• The winner will be announced at the award ceremony on June 29, 2018  [See schedule details on the program page].
  • DMF has the right to use all documentation submitted by the participants.
  • The winning phrase will become the coming year’s theme for the DMF’s initiatives. The winning team must be available to participate in the Foundation's activities throughout the year to build the discourse around the phrase.
  • Please note that travel and accommodation costs for attending the conference is to be covered by individual participants. 
  • DMF has the right to modify the program details anytime. 


Giving a presentation, especially one that requires brevity, is never an easy task. This short guide aims to help you create a presentation that effectively delivers your amazing idea and thoughts.

Here are the four simple steps needed to create and give a presentation (+ tips):

1. Choose a Phrase

  • Do some brainstorming and research as much as necessary for ideas. Since it is a “Phrase” and not a paragraph, it is absolutely necessary to narrow your ideas to one core message.
  • Make sure it is concise and catchy, as it must be easily understood and remembered by people. Think of it as an elevator pitch – although you will back it up with a presentation, the Phrase alone should be able to express everything.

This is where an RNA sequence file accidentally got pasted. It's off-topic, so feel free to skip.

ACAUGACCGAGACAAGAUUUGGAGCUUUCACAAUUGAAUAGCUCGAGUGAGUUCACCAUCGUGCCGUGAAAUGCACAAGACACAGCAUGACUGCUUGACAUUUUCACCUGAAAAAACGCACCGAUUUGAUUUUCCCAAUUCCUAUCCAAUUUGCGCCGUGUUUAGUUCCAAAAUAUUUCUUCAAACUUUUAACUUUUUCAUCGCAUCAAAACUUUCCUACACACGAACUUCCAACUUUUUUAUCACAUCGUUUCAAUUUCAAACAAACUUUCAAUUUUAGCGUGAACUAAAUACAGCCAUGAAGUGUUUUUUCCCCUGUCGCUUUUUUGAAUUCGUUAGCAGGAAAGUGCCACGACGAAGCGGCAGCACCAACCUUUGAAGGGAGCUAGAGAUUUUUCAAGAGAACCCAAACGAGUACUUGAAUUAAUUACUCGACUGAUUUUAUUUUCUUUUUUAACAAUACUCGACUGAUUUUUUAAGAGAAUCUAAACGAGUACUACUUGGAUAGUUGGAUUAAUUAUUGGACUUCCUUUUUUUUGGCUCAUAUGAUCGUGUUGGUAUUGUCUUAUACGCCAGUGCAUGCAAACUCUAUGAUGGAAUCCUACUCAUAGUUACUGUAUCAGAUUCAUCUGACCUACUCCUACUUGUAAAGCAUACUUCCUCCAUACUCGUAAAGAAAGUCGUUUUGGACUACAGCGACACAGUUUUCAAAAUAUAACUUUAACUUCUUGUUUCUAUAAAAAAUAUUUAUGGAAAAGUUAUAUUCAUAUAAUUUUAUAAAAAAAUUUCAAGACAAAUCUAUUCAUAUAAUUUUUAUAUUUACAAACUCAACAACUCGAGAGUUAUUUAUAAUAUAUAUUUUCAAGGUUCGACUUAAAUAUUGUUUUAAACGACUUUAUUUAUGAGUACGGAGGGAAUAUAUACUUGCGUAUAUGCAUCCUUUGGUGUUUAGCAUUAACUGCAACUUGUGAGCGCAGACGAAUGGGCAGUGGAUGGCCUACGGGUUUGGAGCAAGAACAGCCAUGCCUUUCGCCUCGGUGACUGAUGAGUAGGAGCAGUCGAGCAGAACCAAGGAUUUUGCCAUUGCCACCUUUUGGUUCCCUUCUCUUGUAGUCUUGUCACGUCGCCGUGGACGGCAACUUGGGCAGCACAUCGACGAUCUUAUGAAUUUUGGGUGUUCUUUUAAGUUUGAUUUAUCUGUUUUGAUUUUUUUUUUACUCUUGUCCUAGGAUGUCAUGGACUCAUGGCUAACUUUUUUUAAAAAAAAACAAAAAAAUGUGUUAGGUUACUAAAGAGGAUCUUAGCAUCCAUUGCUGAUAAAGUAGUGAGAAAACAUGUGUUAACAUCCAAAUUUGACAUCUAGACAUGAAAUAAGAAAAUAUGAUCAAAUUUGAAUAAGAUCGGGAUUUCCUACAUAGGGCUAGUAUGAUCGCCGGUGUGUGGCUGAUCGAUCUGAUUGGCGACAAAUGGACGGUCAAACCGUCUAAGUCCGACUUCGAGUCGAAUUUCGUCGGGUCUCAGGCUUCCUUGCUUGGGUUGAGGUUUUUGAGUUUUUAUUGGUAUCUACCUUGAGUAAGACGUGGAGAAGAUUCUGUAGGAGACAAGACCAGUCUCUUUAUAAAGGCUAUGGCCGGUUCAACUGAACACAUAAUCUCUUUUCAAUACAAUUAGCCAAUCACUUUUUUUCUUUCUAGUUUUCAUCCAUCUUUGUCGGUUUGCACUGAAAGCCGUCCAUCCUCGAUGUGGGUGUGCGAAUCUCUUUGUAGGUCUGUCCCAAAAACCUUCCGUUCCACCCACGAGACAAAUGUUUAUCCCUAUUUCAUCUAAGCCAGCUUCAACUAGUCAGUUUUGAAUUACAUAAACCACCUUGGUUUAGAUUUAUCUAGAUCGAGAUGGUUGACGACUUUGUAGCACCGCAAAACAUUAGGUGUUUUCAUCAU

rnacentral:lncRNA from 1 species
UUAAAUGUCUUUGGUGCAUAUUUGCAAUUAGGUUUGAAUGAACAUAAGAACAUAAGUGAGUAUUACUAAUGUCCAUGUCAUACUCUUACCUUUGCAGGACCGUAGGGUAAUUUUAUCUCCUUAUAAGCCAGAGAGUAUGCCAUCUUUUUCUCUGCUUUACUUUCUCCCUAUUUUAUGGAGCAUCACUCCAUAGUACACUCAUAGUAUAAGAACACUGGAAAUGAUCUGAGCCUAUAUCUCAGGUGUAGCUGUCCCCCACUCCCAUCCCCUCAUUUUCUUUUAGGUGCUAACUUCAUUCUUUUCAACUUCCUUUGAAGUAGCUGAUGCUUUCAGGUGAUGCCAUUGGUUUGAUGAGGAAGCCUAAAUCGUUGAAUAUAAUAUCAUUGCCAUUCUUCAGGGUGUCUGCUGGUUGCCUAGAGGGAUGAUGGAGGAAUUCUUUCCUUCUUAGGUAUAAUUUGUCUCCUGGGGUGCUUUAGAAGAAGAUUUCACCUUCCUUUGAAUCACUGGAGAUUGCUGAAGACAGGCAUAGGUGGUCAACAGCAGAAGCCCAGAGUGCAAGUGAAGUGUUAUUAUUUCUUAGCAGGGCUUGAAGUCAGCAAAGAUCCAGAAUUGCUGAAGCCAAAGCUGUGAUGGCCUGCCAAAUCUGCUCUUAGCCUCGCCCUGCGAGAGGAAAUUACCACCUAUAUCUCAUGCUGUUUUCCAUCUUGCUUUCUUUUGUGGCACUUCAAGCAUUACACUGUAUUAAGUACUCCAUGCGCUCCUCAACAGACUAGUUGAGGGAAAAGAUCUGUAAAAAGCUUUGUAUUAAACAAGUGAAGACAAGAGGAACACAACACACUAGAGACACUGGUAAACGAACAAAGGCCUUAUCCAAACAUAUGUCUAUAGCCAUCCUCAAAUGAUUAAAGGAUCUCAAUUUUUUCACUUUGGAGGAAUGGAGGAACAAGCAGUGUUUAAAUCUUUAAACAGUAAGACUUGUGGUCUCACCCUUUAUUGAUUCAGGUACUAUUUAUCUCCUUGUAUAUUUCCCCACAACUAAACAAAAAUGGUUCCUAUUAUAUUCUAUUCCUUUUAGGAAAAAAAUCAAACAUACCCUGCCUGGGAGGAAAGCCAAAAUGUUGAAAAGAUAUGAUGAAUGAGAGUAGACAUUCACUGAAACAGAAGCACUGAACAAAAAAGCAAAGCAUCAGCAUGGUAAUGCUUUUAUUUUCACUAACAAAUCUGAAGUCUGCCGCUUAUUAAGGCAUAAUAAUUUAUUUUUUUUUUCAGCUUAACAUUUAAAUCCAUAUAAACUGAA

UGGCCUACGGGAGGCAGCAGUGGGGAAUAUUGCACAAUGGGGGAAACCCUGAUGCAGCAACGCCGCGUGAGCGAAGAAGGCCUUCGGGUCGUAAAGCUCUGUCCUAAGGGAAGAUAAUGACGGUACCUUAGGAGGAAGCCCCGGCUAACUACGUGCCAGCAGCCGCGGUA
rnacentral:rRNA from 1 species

2. Make an outline (and scripts and/or slides, if necessary)
An example of a presentation structure:

    • Make your audience care (explain the current global situation, using relatable/known examples of current/historical events and phenomenon)
    • Explain your Phrase (clearly and with conviction)
    • Describe your evidence
    • Call to action (WHY your Phrase matters to the world, convince people to vote for your Phrase to become the Phrase of the Year)
    • Reveal the new reality (HOW can the idea reflected by your Phrase be implemented in real life? How will that change the world?)

Ask yourself the following:

  • Are the Phrase and the presentation innovative and interesting
  • Is it fact-based?
  • Are the idea of the Phrase and the presentation structure clear/logical enough for people who have never heard this Phrase?


    • Practice makes perfect. No matter how many times you have given a presentation, you will be speaking to a completely new audience with a new purpose.
    • Film yourself talking, watch the video, and see where you can improve. Give each other feedbacks among the team and if possible, practice in front of non-team members to receive their feedback.

    Things to keep in mind while practicing:

    • Posture: Stand still (don’t shift your weight sideways) and look confident.
    • Eye contact: Make eye contact with your audience. You don’t have to stare into the eyes of everyone in the audience, but keep them engaged.
    • Speed: Make sure you are not talking too fast or slow. To figure out the appropriate pace, watch (and imitate) speeches performed by great orators like Barack Obama, Steve Jobs, etc.
    • Smile: If appropriate, try to smile. It not only helps you reduce your anxiety but also keeps the audience engaged.

    4. Prepare your presentation- video/slideshow (with confidence – you earned it!)

    Sample presenation sytle ideas:

    2017 Phrase of the Year finalists